One year later, here we are again: Miguel Cabrera defeated Mike Trout for the American League Most Valuable Player award, and you want to know why the Baseball Writers’ Association of America voted as it did.
In 2013, as in 2012, the question was not whether Cabrera or Trout deserved the honor. They both did. The issue, instead, was how each voter defined “value.” The official voting criteria empower us to choose the meaning of “value” for ourselves. Based on my interpretation, as one of the 28 BBWAA voters for this award, I ranked Cabrera first and Trout second.
Statistically, did Trout have the superior all-around season? Yes, he did. Trout is a better defender than Cabrera, and he adds value through his baserunning. But MVP voters aren’t asked to fill out our ballots based on raw numbers. We must consider the context of each candidate’s performance. We are supposed to weigh the “value of a player to his team,” as the instructions suggest. And I believe a player is most valuable to his team when he helps it win.
In the baseball industry and among fans, team wins dominate – as they should. Boston hosted a duck boat parade for the Red Sox when they won the World Series. I’m still waiting for the first civic rally to honor an individual OPS title.
I’m familiar with the oft-repeated counterargument from the Trout camp: How can you penalize Trout for playing on the third-place Angels because Cabrera won a division title with the Tigers? I’m actually sympathetic to that perspective, and I agree that it’s not entirely fair to Trout that his candidacy was harmed by the Angels’ poor rotation.
But let’s look at the inverse. Say Trout had won, and you needed to tell Cabrera why. What would you say?
Well, Miguel, I know Trout didn’t play a truly meaningful game for his team’s playoff chances after June – and as a result faced considerably less pressure than you. I realize you performed 475 OPS points better than him in high-leverage situations (1.188 to .713, according to Baseball-Reference.com). I understand that you played through an abdominal/groin injury during the final two months because you felt you owed it to your teammates and fans. Your presence in the lineup helped No. 2 hitter Torii Hunter have a Silver Slugger season after turning 38, afforded Victor Martinez time to settle in after missing 2012 with a knee injury and masked a disappointing year for Prince Fielder. You fulfilled your regular-season obligation to the Tigers by carrying them to the playoffs.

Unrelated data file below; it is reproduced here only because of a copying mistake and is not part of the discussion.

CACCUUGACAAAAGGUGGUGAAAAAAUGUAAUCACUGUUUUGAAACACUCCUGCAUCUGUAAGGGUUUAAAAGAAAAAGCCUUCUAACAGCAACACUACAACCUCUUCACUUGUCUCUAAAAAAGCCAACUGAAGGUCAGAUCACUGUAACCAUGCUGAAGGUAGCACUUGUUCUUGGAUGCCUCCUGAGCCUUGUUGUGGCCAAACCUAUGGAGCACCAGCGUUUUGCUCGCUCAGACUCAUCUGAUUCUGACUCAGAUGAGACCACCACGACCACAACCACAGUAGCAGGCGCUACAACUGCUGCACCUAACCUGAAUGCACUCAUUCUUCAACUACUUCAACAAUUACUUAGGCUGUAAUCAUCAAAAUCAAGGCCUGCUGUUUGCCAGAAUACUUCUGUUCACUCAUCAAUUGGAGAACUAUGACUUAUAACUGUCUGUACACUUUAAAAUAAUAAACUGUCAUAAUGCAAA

Despite all of that, we have to give the MVP to Trout. His team could have finished where it did – below .500, ahead of the Mariners and Astros – without him. But he had the better WAR. Sorry.
How fair is that?
Trout’s performance was exceptional. But what was the true value of it? In August, while a gimpy Cabrera won AL Player of the Month honors and moved the Tigers to within range of a division title, Trout amassed an OPS of 1.090 and hit six home runs. He swiped six bases and finished with more walks than strikeouts. It was another crowd-pleasing display of Trout’s breathtaking ability.
But what impact did that month’s .590 slugging percentage have on the Angels’ 2013 season? It carried some significance, surely. It had value. But was it the most valuable? In my estimation, no. That distinction belonged to the man whose ability to play at an elite level, through pain, made certain his team sprayed champagne as AL Central champions for a third consecutive year.